Goat milk gelato: The new dairy craze

by Tamara Scully
Just a few short months ago, Andrew and Blake Place of Hidden Pastures Dairy in Glenfield, NY, held their launch party. The party, hosted by Tug Hill Vineyards, offered guests a taste of things to come: goat milk gelato. Today, the couple’s gelato is available at a growing number of retail outlets and restaurants, and is now shipping online as well. And their on-farm stand opened around the July 4th holiday.
“The gelato is really the key product at this time,” Blake Place said. “Having our value added product is really the ultimate goal because as the farmer you are completely in control of the product. From start to finish or from birth of kid until sale of gelato and then repeat.”
Goats to gelato
The Places have dairy farming in their blood, as well as backgrounds in animal science. With two small children and a desire to raise them on a farm, and to pass that farm on to the next generation, they realized that operating a cow dairy in upstate New York was not going to be their best option. They needed a different focus, but didn’t want to leave behind their love of dairying. Enter the goats.
The Place’s purchased their 100-acre farm in 2015. Today its pastures are home to the growing herd, now numbering over 250 head, of which around 150 are milking. The goats graze when the weather is mild, preferring the barn when too hot or too cold, too rainy or muddy.
Today’s herd, which began with the purchase of a few show goats, is now a mixture of Saanen goats — which make up the majority — as well as Alpine, Toggenbergs, Lamancha, Nubian, and Oberhasli breeds. Now, Hidden Pastures Dairy is a full-fledged goat dairy complete with on-farm creamery.
The milk is all tested for fat and protein, as well as other quality parameters. They continue to work on breeding the herd, just as with cows, to optimally select for animal traits and milk quality.
The couple had plenty of milk before their value-added dreams of gelato became a reality. They previously used some milk in soap-making classes. But they’d like to leave that behind, and utilize all of the milk in the food stream. They are a grade A dairy, and can ship their milk to other processors.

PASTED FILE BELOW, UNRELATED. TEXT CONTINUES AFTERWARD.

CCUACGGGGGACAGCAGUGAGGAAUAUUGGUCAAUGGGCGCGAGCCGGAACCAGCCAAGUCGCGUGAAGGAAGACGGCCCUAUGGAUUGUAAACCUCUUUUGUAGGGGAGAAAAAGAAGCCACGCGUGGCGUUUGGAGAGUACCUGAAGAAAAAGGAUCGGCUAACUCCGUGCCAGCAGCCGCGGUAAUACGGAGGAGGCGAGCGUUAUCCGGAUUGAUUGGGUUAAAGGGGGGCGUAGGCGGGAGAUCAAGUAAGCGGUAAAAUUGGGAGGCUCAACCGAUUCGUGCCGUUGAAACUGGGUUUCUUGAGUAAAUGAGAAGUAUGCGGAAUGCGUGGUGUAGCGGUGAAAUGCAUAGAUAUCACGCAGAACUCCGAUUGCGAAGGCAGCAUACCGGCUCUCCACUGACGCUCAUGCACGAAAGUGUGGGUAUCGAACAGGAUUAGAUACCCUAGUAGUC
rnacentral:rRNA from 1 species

“We currently ship milk to a creamery and we would continue doing that until our market demands would otherwise require us to use all of our own milk,” Blake said. “We have been making goat milk ice cream in our kitchen for five years and sharing with family, but we decided that gelato would be a better product for consumers over the ice cream.”
Gelato is similar to ice cream, but typically has no added cream — just the naturally occurring cream, so is lower in fat content. Goat’s milk, while nutritionally similar to that of cows, has smaller fat molecules, which makes it easier for some people to digest. With a creamy texture and sweet taste, using the herd’s milk to make gelato was a perfect fit.
“We decided that the most simple recipe would be the best of them all,” Blake said. “We tried out so many recipes.”
But not everyone is familiar with gelato; nor are they familiar with goat’s milk. The couple has done market research, complete with taste testing, to promote gelato, and feel confident that this value-added product will appeal to ice cream lovers as well as those who are seeking a less fattening or more easily digested option. But convincing some people that goat’s milk is delicious, and should be a part of their diet, is the first hurdle.
“Really for it to work it needs to be an affordable product that people are willing to try,” Blake said. “We need to get the folks who are not in favor of goat products to give our gelato a taste…because it isn’t what they would expect and they would love it!”
Value-added infrastructure
Andrew designed the milking parlor himself, and had it fabricated. They used salvaged parts and equipment, and built most of the infrastructure for the farm. Raising the capital to build the creamery was the biggest challenge they faced.
Their creamery plan received top honors in the American Farm Bureau Federation’s 2018 Rural Entrepreneurship Challenge, and the couple was given $10,000 for winning the “Best Local Product Startup” category. Their plan was selected as one of the 10 winning finalists from more than 500 entries in the competition. The award helped to make their creamery a reality, and they launched their gelato on May 5, 2018.
The milking system is a closed one, so the milk goes from goat to gelato with little chance of contacting air, preventing changes in taste or any possible contamination.
The couple worked with New York State Department of Agriculture and Markets advisors, as well as other professionals to help evaluate their options both for the farm and for the final product. They visited other creameries before deciding on their creamery design. They endlessly did outreach, promoting demand for their gelato, and continue to do so, even as more retail outlets are signing on to carry the product. Educating the public about the product, and the realities of farming, is one of their ongoing goals.
“When making our product, we use the best ingredients we can. Our milk is fresh, we know where it was sourced (our farm) and so there is no question in our minds that the product is top notch,” Blake said. “When a consumer picks our product up on a store shelf I want them to be able to feel good about eating it. Knowing that the farmer raised the animal and also made the product and can tell you all about it, is key.”

2018-07-13T10:48:05+00:00July 13th, 2018|Eastern Edition|0 Comments

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